About The Archives

In a democracy, government records belong to the people. Since its creation in 1934, the nonpartisan National Archives and Records Administration (NARA) has served as the nation’s official record keeper, safeguarding and providing public access to billions of records from all three branches of the United States government.

Records help us to claim our rights as citizens, to hold our elected officials accountable for their actions, and to document our history as a nation. By preserving our most important records, the Archives ensures that future generations of Americans will be able to explore our shared history at the home of the official Declaration of Independence, Constitution, and Bill of Rights.

The National Archives was established during the administration of President Franklin D. Roosevelt, but its major holdings date back to 1775. They capture the sweep of the past: slave ship manifests and the Emancipation Proclamation; captured German records and the Japanese surrender documents from World War II; journals of polar expeditions and photographs of Dust Bowl farmers; Indian treaties making transitory promises; and a richly bound document bearing the bold signature “Bonaparte”—the Louisiana Purchase Treaty that doubled the territory of the young republic.

The Archives keeps only those Federal records judged to have continuing value—about 3 percent of those generated in any given year.  All of these materials are preserved because they are important to the workings of government, have long-term research worth, or provide information of value to citizens. Today, the Archives’ collection includes 12 billion sheets of paper, 40 million photographs, miles and miles of video and film, and more than 5.3 billion electronic records. The records are housed in facilities around the country, from Anchorage, Alaska to Atlanta, Georgia— including two Washington, DC, area buildings, 14 Regional Archives, 17 Federal Records Centers, 13 Presidential libraries, and the National Personnel Records Center.

About the Archivist

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The Honorable David S. Ferriero was sworn in as 10th Archivist of the United States on November 13, 2009.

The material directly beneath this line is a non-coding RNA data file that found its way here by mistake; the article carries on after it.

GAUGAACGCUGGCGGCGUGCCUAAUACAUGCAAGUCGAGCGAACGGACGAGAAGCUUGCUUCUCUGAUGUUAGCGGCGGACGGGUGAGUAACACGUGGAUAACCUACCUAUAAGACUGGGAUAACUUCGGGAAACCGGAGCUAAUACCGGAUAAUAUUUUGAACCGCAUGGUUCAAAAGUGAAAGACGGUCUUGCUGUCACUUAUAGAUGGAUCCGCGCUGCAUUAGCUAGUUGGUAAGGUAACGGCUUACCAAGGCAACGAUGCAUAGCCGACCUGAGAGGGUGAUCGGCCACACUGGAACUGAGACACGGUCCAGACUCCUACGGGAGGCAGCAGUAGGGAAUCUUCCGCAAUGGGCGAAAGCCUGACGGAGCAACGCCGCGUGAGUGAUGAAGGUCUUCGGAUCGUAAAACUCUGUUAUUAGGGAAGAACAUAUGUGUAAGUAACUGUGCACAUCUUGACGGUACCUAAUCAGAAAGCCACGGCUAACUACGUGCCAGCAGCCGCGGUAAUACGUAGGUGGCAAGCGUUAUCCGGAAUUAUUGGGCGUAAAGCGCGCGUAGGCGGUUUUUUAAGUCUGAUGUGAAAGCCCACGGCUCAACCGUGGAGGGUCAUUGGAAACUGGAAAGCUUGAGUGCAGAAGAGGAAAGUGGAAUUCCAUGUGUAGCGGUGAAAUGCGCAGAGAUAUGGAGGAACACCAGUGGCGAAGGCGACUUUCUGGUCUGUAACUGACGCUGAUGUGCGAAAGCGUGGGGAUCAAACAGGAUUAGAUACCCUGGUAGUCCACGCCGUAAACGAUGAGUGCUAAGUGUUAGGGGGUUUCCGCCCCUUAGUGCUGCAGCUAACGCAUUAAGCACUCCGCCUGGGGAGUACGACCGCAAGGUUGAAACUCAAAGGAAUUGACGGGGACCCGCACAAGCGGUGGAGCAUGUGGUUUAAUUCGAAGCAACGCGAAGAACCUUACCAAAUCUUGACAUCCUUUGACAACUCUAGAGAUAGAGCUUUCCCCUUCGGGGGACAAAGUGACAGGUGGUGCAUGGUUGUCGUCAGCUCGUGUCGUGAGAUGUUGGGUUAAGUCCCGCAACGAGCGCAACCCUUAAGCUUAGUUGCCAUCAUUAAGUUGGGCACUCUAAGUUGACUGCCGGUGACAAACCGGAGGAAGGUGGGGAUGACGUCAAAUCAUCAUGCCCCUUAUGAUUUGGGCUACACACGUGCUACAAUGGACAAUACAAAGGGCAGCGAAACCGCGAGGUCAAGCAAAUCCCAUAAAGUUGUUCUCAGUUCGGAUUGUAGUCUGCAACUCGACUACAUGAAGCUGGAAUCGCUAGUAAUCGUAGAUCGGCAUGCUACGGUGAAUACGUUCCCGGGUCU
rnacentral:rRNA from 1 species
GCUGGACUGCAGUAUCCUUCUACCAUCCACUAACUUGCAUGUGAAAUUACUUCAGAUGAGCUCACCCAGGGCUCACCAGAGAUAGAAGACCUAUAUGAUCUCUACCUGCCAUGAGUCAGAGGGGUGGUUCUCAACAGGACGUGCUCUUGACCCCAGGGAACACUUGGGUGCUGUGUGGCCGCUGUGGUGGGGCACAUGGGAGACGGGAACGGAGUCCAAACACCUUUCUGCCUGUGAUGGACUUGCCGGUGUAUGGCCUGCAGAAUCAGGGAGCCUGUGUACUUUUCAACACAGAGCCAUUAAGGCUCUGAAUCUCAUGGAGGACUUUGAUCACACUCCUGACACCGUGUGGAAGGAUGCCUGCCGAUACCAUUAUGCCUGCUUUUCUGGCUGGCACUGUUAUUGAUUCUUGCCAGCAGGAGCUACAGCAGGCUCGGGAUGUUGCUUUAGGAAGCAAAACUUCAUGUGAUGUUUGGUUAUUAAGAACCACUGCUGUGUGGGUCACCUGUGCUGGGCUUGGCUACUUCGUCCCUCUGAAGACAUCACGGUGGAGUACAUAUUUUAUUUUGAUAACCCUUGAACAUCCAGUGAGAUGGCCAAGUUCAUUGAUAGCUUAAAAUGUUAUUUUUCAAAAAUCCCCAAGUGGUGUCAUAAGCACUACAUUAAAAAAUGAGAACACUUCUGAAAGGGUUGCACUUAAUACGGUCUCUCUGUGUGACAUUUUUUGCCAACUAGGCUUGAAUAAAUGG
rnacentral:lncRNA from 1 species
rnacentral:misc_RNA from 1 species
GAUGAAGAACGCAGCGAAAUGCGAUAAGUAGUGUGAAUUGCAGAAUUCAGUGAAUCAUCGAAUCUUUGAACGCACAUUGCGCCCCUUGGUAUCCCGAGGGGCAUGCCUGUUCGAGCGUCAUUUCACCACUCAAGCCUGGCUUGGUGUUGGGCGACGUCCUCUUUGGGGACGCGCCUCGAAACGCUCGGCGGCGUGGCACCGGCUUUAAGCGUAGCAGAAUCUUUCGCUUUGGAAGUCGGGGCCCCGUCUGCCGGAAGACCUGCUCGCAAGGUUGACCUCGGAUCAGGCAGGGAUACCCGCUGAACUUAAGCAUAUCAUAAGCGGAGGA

Appointed by President Barack Obama, he is  the head of the National Archives and Records Administration, and is responsible for providing guidance to the White House and the Executive Branch agencies and departments on the creation and maintenance of their records. As Archivist, Mr. Ferriero oversees the transfer to the National Archives of permanently valuable federal government records and makes them available for study.

Previously, Mr. Ferriero served as the Andrew W. Mellon Director of the New York Public Libraries (NYPL). In this position he was part of the leadership team responsible for integrating the 4 research libraries and 87 branch libraries into one seamless service for users; and was in charge of collection strategy; conservation; digital experience and strategy; reference and research services; and education, programming, and exhibitions.

Before joining the NYPL in 2004, Mr. Ferriero served in top positions at two of the nation’s major academic libraries, the Massachusetts Institute of Technology in Cambridge, MA, and Duke University in Durham, NC.

Mr. Ferriero earned bachelors and master’s degrees in English literature from Northeastern University in Boston and a master’s degree from the Simmons College of Library and Information Science, also in Boston. He served as a hospital corpsman in the Navy during the Vietnam War.

Check out his blog!